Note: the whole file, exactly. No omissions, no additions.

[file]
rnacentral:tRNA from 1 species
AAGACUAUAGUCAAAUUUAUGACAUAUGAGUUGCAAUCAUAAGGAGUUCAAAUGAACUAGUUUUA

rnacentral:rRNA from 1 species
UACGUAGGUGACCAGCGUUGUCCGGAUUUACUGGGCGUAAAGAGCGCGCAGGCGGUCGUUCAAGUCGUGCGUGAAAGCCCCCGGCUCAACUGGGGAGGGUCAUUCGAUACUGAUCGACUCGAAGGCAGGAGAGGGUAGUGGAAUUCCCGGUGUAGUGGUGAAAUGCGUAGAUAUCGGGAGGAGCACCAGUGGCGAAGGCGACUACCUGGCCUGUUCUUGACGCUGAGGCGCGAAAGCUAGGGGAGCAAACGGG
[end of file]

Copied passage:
rnacentral:tRNA from 1 species
AAGACUAUAGUCAAAUUUAUGACAUAUGAGUUGCAAUCAUAAGGAGUUCAAAUGAACUAGUUUUA

rnacentral:rRNA from 1 species
UACGUAGGUGACCAGCGUUGUCCGGAUUUACUGGGCGUAAAGAGCGCGCAGGCGGUCGUUCAAGUCGUGCGUGAAAGCCCCCGGCUCAACUGGGGAGGGUCAUUCGAUACUGAUCGACUCGAAGGCAGGAGAGGGUAGUGGAAUUCCCGGUGUAGUGGUGAAAUGCGUAGAUAUCGGGAGGAGCACCAGUGGCGAAGGCGACUACCUGGCCUGUUCUUGACGCUGAGGCGCGAAAGCUAGGGGAGCAAACGGG